Iii-C Pain Intensity Estimation

In order to learn a regression model to estimate pain intensity, we use a Relevance Vector Regressor(RVR). RVRs have previously been used for pain intensity estimation and have been shown to perform well [10][11]. Furthermore, in comparison to SVMs which have also been widely used in facial expression analysis, RVMs use sparser models and as such train much faster [3]. RVMs are also less prone to over-fitting compared to SVMs [29]. Indeed in our case, the number of support vectors was reduced by an average factor of 0.028 in the corresponding RVM. Table I shows a comparison of RVM and SVM with respect to the number of selected vectors across all feature types.

Features GF HOG CNN HOG_GF all
No. of Support vectors 8184 13309 9255 11882 11,589
No. of Relevant vectors 409 439 501 11 17
TABLE I: SVM vs RVM model sparsity comparison on 16605 training samples

First, we learn an RVR each on the geometric, HOG and CNN features. The ground truth for the RVR training are the PSPI scores corresponding to the input frame. Previous studies[10][16] have shown that significant performance improvement can be obtained by combining features from different sources. Hence, following [10]’s technique, we combine the output of the single feature RVRs and use this to learn a second level RVR. If we denote the output of the single RVR as , the input to the second level RVR is the feature set where is the number of single feature RVRs to be combined. The bias parameter for the RVM is determined by an inner loop subject independent cross validation on the training data. RVR performance is evaluated using a leave-one-subject out cross validation. That is, at each point all the frames from one subject are used for testing while frames from all the other subjects are used for training. This is repeated until all the subjects are used for testing. To reduce the imbalance in the training set, we under-sampled the no-pain signal frames using a ratio of 1:2 for the highest occurring non-zero pain frames and the no-pain signal frames respectively. No modifications were made to the test set.

Iii-D Post-processing of Results

After obtaining the initial predictions from the RVMs, we experimented with a number of result post processing methods to see the impact on the RVR performance. Here, we tried three different techniques. Firstly, since the RVR was capable of predicting values less than and above the minimum and max pain levels(i.e. 0 and 16), we set all predictions below the max pain level to zero and predictions above the max to 16. This technique is designated as ’thresholding’. In the second method, we computed the modal prediction for each subject and then subtracted this value from the RVM predictions for the subjects. This is denoted as ’re-based’. Rebasing can be applied in a practical situation as it does not depend on any ground truth. This can be done by taking the mode over a defined time window of frames and subtracting this value from all the predictions within the time window. Lastly, we also applied thresholding on the re-based results.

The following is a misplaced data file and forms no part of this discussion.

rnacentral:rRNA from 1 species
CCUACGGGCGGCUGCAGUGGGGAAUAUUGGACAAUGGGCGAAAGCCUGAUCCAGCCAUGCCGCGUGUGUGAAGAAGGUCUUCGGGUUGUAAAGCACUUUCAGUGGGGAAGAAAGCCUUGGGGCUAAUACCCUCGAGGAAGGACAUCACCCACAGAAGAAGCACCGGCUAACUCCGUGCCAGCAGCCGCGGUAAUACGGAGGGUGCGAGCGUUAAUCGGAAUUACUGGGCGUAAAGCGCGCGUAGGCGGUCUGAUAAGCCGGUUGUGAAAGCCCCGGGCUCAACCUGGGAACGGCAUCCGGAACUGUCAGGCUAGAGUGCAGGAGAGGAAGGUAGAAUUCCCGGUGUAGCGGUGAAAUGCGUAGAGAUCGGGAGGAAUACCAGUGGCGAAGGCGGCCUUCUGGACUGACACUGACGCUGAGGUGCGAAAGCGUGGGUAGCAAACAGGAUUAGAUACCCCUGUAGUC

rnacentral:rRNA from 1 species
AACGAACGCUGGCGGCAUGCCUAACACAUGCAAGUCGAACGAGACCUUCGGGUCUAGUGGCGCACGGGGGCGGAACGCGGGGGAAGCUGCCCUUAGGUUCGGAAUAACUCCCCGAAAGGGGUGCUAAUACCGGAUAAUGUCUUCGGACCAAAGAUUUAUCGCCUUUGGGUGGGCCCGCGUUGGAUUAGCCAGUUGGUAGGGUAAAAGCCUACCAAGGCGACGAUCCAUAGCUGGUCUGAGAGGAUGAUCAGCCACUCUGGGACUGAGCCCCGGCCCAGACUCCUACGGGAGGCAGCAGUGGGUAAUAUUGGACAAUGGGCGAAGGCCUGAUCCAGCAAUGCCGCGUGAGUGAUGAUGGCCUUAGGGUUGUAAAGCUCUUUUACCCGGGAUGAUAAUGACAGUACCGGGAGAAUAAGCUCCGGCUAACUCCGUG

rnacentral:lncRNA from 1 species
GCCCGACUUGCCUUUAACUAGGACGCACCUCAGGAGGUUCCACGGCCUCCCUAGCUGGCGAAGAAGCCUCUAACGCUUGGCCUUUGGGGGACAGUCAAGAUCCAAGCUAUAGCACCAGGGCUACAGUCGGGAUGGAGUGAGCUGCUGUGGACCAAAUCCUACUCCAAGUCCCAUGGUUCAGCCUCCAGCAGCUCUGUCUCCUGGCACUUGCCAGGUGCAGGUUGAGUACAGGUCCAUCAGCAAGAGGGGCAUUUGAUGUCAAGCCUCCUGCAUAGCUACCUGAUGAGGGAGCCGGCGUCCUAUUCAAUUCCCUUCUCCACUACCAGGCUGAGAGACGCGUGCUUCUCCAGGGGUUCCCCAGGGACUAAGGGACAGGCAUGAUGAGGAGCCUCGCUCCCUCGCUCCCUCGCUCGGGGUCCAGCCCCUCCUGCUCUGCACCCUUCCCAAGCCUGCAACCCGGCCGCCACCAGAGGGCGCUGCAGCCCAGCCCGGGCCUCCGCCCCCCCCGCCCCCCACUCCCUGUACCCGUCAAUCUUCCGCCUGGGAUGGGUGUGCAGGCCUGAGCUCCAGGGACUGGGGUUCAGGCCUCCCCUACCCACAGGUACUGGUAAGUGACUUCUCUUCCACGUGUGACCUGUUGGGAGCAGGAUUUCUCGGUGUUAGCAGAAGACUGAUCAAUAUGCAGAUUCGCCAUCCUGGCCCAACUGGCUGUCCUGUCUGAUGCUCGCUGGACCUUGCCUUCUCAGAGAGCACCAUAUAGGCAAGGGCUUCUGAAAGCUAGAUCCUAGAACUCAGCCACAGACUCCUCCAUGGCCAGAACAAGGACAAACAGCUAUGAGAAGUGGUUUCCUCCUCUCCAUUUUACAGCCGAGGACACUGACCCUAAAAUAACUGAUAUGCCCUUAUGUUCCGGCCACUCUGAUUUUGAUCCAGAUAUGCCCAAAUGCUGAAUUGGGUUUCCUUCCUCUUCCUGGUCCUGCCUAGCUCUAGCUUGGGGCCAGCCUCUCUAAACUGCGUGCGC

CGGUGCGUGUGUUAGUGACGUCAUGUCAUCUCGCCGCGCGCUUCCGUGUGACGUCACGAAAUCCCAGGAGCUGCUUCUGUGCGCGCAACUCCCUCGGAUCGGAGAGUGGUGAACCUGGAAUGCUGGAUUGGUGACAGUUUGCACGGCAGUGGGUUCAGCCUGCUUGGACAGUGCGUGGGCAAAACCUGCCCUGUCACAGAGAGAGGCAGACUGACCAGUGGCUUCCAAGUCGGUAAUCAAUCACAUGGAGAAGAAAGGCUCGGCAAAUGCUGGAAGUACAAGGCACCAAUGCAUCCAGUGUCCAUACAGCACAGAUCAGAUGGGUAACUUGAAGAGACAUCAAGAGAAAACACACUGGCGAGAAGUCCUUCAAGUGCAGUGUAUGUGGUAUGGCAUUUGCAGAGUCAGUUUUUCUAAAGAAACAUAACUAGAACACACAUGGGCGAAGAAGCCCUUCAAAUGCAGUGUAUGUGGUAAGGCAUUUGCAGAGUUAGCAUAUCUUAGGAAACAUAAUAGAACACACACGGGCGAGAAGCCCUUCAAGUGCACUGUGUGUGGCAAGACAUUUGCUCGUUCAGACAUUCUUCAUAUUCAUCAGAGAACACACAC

Iv Experimental Evaluation

Iv-a Database description

To evaluate our proposed method, we used the publicly accessible UNBC-McMaster shoulder pain expression archive database. It consists of 200 video sequences of facial expression of 25 subjects undergoing different range of motion test i.e. abduction, external and internal rotation of the arm. An active and passive approach was used in the data collection. In active mode, Subjects were asked to move the affected arms themselves to a bearable limit while the physiotherapist did the movements in the passive mode. Each video sequence consists of approximately 60 to 700 frames resulting to a total of 48398 frames. 82.71% of all the frames have a pain score of zero (0) indicating high imbalance in the positive versus negative frame contribution. Fig. 2 shows the percentage distribution of the positive frames.

Fig. 2: Percentage Distribution of non-zero pain levels in the McMaster database

All frames in the video sequences are FACs coded for the pain related action units i.e. AU4, AU6, AU7, AU9, AU10, AU12, AU20, AU25, AU26, AU27 and AU43. Each action unit is coded on intensity of A-E or 0-5 except for AU43 (closed eyes) which has only two states: present or absent. Using the PSPI metric, a pain score is assigned based on the intensity of the AUs present.

The computed PSPI score is used as the ground truth in our RVR experiments. In addition, the database provides 66 facial points for each frame based on an active appearance model. The facial points provided are used in this study for HOG and geometric feature extraction.

Iv-B Experiments and Results

To support comparison with previous work, we used the Pearson correlation (CORR) and root mean square error (RMSE) to evaluate performance. Even though MSE is used in previous studies, we use the RMSE because it is on the same scale as the predictions and easier to interpret. Performance is computed by first concatenating the predictions on all the subjects frames. RMSE is computed as the difference between the RVM predictions and the ground truth while CORR is the Pearson correlation between the concatenated predictions and the ground truth.